TEM images are presented in Fig. 3c for typical fresh nanoparticles. The images show the nanoparticles were highly agglomerated structures which consisted of small primary particles. TEM image analysis indicates the average diameter of the primary particles was typically 2–3 nm. Consistent with the SMPS data, analysis of the TEM images revealed no significant differences between the fresh and aged particles in terms of primary particle size or the agglomerated morphology.

Together the SMPS, XRD and TEM data indicate both fresh and aged nanoparticles are agglomerates of small primary particles of CeO2 approximately 2–3 nm in size, and the agglomerate dimensions (based on the SMPS data) span a size distribution up to ~200 nm in size.

Biodistribution of CeO2 nanoparticles

Table 3 summarizes the concentrations of CeO2 nanoparticles found in the organs. The lungs consistently had the highest concentrations for all experiments, followed by the feces and the GI tract. The findings from the pilot study focused on feces showed (Additional file 3), compared to the first day post exposure, concentrations of CeO2 nanoparticles in the feces were reduced by 97 % on the fourth day post exposure and remained stable at low concentrations afterwards, as also observed by He et al. [13]. The evolution of the concentration in the GI tract also showed a decreasing trend (Table 3), although not as significant a rate of decay as observed for the feces. For the extrapulmonary organs (i.e., the blood, kidneys, heart, brain, liver, and spleen), different trends were observed. The concentrations in the blood showed a slight decrease over time. Concentrations in the spleen, liver, and kidneys rose steadily while concentrations in heart remained relatively stable. CeO2 nanoparticles were detected in the olfactory bulb and in the brain for the fresh 1 and fresh 2 experiments, while being mostly below the detection limit for the aged 1 experiment. The concentrations in the olfactory bulb were exceptionally high for the fresh 2 experiment (higher than in other extrapulmonary organs by one order of magnitude). For the aged 2 experiment, the brain had the highest concentrations among all experiments, while the concentrations in the olfactory bulb were below the detection limit except 1-day post exposure. The urine also had concentrations of CeO2 nanoparticles comparable to the blood concentration 1-day post exposure except for the fresh 2 experiment. The decreasing lung concentrations and the increasing concentrations in extrapulmonary organs suggests the CeO2 nanoparticles deposited in the lungs could serve as a secondary source of exposure to the extrapulmonary organs, either by direct transfer from the lungs or through an indirect route via the GI tract. Detailed concentrations for each rat are given in Additional file 4.

Table 3 Measured concentrations of CeO2 nanoparticles at different post exposure time (ng/g) a, b

The Shapiro-Wilk test showed the data was mostly following normal distribution. The Student t-test showed only the liver at 15-min post exposure, olfactory bulb at 1-day post exposure, and the blood for all three time points had p-value < 0.05. The null hypothesis of no significant differences between the biodistribution of fresh and aged nanoparticles for each time point and organ was therefore considered retained for all organs except for blood. For blood, the difference was due to the much higher normalized concentration in fresh 1 experiment, which could be the result of a higher sub-fraction of nanoparticles smaller than 70 nm found in that experiment (17 %, at least twice higher than the other experiments).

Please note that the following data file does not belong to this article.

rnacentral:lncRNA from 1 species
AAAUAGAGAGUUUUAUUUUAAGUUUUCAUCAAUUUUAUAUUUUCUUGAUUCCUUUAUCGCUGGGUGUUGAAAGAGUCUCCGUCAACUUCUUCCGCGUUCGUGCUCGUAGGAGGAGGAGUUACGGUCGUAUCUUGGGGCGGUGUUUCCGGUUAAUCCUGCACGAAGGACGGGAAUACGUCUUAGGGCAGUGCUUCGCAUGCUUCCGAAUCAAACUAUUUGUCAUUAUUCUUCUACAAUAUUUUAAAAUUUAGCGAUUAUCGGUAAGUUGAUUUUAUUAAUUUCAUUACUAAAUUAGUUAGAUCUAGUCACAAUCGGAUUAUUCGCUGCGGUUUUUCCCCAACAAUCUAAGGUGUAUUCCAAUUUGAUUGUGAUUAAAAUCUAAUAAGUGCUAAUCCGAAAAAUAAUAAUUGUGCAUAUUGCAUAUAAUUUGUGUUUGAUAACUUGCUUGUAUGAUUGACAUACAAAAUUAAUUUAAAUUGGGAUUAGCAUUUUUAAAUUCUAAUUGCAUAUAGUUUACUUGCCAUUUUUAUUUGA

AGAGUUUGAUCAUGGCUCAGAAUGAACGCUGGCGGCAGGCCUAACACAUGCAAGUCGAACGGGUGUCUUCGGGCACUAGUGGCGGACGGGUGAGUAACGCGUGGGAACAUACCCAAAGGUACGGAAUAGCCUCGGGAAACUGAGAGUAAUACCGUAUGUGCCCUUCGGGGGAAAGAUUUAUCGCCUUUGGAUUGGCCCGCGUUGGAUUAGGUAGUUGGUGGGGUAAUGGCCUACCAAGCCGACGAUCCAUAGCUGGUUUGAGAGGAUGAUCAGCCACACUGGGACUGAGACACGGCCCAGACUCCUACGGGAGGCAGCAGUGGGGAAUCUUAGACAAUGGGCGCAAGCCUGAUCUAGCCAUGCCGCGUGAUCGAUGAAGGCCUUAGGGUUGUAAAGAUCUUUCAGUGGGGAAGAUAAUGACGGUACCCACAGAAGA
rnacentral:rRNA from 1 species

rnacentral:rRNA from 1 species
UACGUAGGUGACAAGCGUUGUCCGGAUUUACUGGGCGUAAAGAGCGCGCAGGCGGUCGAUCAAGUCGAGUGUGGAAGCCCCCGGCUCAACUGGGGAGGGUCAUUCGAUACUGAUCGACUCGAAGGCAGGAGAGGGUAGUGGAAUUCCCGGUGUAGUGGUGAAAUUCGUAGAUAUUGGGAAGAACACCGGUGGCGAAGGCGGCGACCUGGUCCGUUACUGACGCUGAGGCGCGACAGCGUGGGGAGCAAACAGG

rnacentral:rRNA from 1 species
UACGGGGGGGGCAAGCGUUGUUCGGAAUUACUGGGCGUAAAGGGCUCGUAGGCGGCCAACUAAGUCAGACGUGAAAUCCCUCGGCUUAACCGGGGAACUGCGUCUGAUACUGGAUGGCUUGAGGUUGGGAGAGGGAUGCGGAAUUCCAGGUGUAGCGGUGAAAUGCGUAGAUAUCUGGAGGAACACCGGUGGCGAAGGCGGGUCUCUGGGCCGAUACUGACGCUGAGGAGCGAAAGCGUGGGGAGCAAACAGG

Combining the concentrations with the different organ weights, the masses of CeO2 nanoparticles were calculated and mass balance analysis was performed. The results are presented in Fig. 4, with Fig. 4a showing the total amount of nanoparticles recovered at 1-day post-exposure in comparison with the calculated total intake, and Fig. 4b showing the total amount of nanoparticles recovered in the extrapulmonary organs at 15 min, 1-day, and 7-day post-exposure in comparison with the sub-fraction of inhaled nanoparticles that were less than 70 nm as identified using the SMPS size distribution. The absolute recovered mass based on the ICP-MS measurements was approximately the same for all experiments but the fresh 1 experiment. The total estimated inhaled amount based on the filter pack measurements after the cascade impactor filter with the final stage cut-off of 0.5 μm was lowest for the fresh 1 experiment, the highest for the fresh 2 experiment, and was intermediary for the aged 1 and aged 2 experiments, with total inhaled mass estimates of 5.13, 26.69, 14.40, and 13.04 μg, respectively (see Fig. 4a). One-day post exposure, feces dominated the recovered masses (71–90 %) due to the high weight of the feces and the high concentrations of CeO2 nanoparticles (Fig. 4a). Although higher in concentration, the lungs had lower weights than the feces and therefore contributed less than the feces to the total recovered mass of CeO2, while remaining substantial (7–18 %). The urine and extrapulmonary organs both contributed between 4 and 6 % of the total recovered mass in the fresh 1 experiment, but contributed less than 0.5 % of the total recovered mass for the other experiments. Previous nanoparticle biodistribution studies have seldom included the GI tract in the analysis but the mass balance on the fresh nanoparticle exposure studies suggested that the GI tract could be accumulating a large proportion of the inhaled nanoparticles. To test this hypothesis, we analyzed the GI tract for the aged particle exposure studies. Nanoparticles found in the GI tract for the aged experiments contributed to 2 to 3 % of the total recovered mass, which is an order of magnitude higher than the total amount recovered in all extrapulmonary organs for the same experiments at 1-day post exposure. The total inhaled mass of nanoparticles smaller than 70 nm, based on the SMPS measured concentrations for the fresh 1, fresh 2 (corrected for the leakage), aged 1, and aged 2 experiments were 0.85, 0.82, 0.81, and 1.06 μg, respectively (Fig. 4b). Interestingly, the absolute amounts of nanoparticles found in the extrapulmonary organs varied by less than 65 %, while the total estimated inhaled amount based on filter pack measurements varied by a factor of five. The results may suggest only the fraction of CeO2 nanoparticles that are small enough can penetrate the alveolar wall and find their way into the extrapulmonary organs. The muscle, skin, fur, and skeletons of the rats were not analyzed for CeO2 contents. The unrecorded mass of nanoparticles in these tissues could explain the lower than 100 % recovery for the experiments.